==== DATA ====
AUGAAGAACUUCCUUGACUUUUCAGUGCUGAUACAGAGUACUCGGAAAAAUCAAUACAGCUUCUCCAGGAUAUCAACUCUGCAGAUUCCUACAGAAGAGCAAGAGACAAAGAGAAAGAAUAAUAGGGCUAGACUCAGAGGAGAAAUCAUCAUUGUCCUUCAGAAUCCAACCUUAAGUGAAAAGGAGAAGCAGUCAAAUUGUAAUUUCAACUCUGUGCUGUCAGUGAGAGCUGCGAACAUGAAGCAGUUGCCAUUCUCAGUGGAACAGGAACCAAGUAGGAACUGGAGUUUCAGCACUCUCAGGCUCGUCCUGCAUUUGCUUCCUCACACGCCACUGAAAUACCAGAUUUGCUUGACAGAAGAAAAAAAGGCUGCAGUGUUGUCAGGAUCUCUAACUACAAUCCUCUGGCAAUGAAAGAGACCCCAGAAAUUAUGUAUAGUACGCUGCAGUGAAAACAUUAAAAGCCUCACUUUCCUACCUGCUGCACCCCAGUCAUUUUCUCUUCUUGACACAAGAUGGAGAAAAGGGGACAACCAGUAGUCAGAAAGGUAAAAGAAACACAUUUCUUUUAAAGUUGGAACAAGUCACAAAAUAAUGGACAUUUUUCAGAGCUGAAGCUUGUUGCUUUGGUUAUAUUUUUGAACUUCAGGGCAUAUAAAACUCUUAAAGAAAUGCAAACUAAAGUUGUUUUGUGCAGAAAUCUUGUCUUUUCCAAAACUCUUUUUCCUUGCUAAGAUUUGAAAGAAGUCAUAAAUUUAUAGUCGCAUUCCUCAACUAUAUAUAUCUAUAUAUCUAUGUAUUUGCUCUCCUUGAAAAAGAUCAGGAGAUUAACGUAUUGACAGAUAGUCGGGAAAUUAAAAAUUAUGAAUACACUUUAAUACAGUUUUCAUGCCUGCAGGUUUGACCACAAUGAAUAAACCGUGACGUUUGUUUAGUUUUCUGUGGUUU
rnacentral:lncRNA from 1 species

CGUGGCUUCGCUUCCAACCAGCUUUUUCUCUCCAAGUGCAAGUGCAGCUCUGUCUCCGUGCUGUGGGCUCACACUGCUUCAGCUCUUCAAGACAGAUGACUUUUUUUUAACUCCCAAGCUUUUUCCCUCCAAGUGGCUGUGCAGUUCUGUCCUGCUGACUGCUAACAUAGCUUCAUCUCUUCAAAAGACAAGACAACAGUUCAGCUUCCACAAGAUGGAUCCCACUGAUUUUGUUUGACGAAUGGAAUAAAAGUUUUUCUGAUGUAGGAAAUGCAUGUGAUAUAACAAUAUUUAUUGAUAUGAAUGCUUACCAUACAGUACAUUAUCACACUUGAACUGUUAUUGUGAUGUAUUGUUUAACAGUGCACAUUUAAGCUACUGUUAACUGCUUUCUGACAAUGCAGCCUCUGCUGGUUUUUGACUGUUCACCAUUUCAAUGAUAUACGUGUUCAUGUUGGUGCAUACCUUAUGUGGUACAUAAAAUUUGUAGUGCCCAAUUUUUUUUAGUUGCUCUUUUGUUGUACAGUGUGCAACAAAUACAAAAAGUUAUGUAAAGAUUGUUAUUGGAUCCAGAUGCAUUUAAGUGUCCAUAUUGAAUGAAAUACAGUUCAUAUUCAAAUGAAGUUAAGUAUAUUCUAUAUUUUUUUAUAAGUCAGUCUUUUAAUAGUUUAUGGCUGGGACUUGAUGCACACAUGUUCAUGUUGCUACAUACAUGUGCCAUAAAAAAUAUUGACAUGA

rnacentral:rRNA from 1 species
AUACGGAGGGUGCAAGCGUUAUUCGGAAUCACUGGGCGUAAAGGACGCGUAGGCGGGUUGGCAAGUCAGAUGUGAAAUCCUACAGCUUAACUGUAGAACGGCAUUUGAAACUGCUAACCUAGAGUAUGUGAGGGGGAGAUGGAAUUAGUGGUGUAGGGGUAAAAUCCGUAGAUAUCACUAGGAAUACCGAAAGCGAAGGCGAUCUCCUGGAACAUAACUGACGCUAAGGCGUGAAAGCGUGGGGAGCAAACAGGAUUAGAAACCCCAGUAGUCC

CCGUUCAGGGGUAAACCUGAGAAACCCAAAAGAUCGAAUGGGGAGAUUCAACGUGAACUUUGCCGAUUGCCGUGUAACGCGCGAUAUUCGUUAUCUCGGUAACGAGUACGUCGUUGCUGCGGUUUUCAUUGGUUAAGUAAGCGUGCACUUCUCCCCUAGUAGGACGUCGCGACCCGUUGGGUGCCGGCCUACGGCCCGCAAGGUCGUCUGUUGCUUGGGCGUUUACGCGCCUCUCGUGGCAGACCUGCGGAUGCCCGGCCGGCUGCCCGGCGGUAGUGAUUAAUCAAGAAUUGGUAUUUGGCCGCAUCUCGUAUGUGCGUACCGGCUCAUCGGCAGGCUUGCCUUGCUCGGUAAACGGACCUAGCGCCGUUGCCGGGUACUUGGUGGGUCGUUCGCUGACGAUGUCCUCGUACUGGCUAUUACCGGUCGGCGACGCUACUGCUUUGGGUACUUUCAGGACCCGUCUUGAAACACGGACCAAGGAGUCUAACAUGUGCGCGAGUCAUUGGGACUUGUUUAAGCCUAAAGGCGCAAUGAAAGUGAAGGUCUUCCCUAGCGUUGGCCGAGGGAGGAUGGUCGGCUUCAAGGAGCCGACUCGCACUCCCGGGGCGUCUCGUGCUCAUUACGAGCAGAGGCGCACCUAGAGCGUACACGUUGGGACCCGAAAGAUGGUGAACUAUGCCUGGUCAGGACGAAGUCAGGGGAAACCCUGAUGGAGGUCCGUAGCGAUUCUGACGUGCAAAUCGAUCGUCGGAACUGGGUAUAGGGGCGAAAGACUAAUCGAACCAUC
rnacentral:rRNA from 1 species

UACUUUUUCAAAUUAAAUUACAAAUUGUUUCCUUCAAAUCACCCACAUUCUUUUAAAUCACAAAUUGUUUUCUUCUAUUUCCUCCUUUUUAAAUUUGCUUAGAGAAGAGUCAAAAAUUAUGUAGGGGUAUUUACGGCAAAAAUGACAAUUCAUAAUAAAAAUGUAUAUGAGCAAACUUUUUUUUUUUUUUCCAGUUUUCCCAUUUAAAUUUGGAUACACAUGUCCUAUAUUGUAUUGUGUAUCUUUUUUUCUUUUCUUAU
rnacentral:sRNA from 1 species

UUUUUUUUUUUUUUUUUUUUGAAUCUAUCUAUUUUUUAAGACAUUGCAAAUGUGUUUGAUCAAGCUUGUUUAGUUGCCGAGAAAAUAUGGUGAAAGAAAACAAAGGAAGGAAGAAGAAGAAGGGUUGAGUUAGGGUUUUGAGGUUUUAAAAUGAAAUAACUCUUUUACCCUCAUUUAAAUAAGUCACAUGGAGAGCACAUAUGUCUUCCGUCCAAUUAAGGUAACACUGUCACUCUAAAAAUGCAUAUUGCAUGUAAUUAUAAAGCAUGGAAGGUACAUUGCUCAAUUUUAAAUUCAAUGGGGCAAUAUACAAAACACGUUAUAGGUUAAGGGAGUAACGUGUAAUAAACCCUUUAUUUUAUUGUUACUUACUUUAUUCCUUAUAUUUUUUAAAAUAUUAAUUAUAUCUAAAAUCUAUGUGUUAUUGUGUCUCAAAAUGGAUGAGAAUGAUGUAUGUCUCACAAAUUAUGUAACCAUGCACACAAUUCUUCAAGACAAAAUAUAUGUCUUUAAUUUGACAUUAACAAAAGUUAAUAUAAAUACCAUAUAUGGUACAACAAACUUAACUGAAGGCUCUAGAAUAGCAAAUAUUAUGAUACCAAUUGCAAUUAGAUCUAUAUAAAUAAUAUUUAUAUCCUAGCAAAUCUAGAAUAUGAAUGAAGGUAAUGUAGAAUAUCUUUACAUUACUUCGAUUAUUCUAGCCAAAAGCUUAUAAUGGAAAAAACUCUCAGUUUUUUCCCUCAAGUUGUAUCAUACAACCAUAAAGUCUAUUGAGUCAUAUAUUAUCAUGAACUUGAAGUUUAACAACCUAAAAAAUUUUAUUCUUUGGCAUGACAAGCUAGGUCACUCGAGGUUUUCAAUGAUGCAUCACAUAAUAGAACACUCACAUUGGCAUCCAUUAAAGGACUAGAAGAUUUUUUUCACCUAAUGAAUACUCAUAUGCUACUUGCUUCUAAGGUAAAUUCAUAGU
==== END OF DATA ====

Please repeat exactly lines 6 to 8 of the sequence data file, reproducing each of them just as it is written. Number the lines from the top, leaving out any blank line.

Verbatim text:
CCGUUCAGGGGUAAACCUGAGAAACCCAAAAGAUCGAAUGGGGAGAUUCAACGUGAACUUUGCCGAUUGCCGUGUAACGCGCGAUAUUCGUUAUCUCGGUAACGAGUACGUCGUUGCUGCGGUUUUCAUUGGUUAAGUAAGCGUGCACUUCUCCCCUAGUAGGACGUCGCGACCCGUUGGGUGCCGGCCUACGGCCCGCAAGGUCGUCUGUUGCUUGGGCGUUUACGCGCCUCUCGUGGCAGACCUGCGGAUGCCCGGCCGGCUGCCCGGCGGUAGUGAUUAAUCAAGAAUUGGUAUUUGGCCGCAUCUCGUAUGUGCGUACCGGCUCAUCGGCAGGCUUGCCUUGCUCGGUAAACGGACCUAGCGCCGUUGCCGGGUACUUGGUGGGUCGUUCGCUGACGAUGUCCUCGUACUGGCUAUUACCGGUCGGCGACGCUACUGCUUUGGGUACUUUCAGGACCCGUCUUGAAACACGGACCAAGGAGUCUAACAUGUGCGCGAGUCAUUGGGACUUGUUUAAGCCUAAAGGCGCAAUGAAAGUGAAGGUCUUCCCUAGCGUUGGCCGAGGGAGGAUGGUCGGCUUCAAGGAGCCGACUCGCACUCCCGGGGCGUCUCGUGCUCAUUACGAGCAGAGGCGCACCUAGAGCGUACACGUUGGGACCCGAAAGAUGGUGAACUAUGCCUGGUCAGGACGAAGUCAGGGGAAACCCUGAUGGAGGUCCGUAGCGAUUCUGACGUGCAAAUCGAUCGUCGGAACUGGGUAUAGGGGCGAAAGACUAAUCGAACCAUC
rnacentral:rRNA from 1 species

UACUUUUUCAAAUUAAAUUACAAAUUGUUUCCUUCAAAUCACCCACAUUCUUUUAAAUCACAAAUUGUUUUCUUCUAUUUCCUCCUUUUUAAAUUUGCUUAGAGAAGAGUCAAAAAUUAUGUAGGGGUAUUUACGGCAAAAAUGACAAUUCAUAAUAAAAAUGUAUAUGAGCAAACUUUUUUUUUUUUUUCCAGUUUUCCCAUUUAAAUUUGGAUACACAUGUCCUAUAUUGUAUUGUGUAUCUUUUUUUCUUUUCUUAU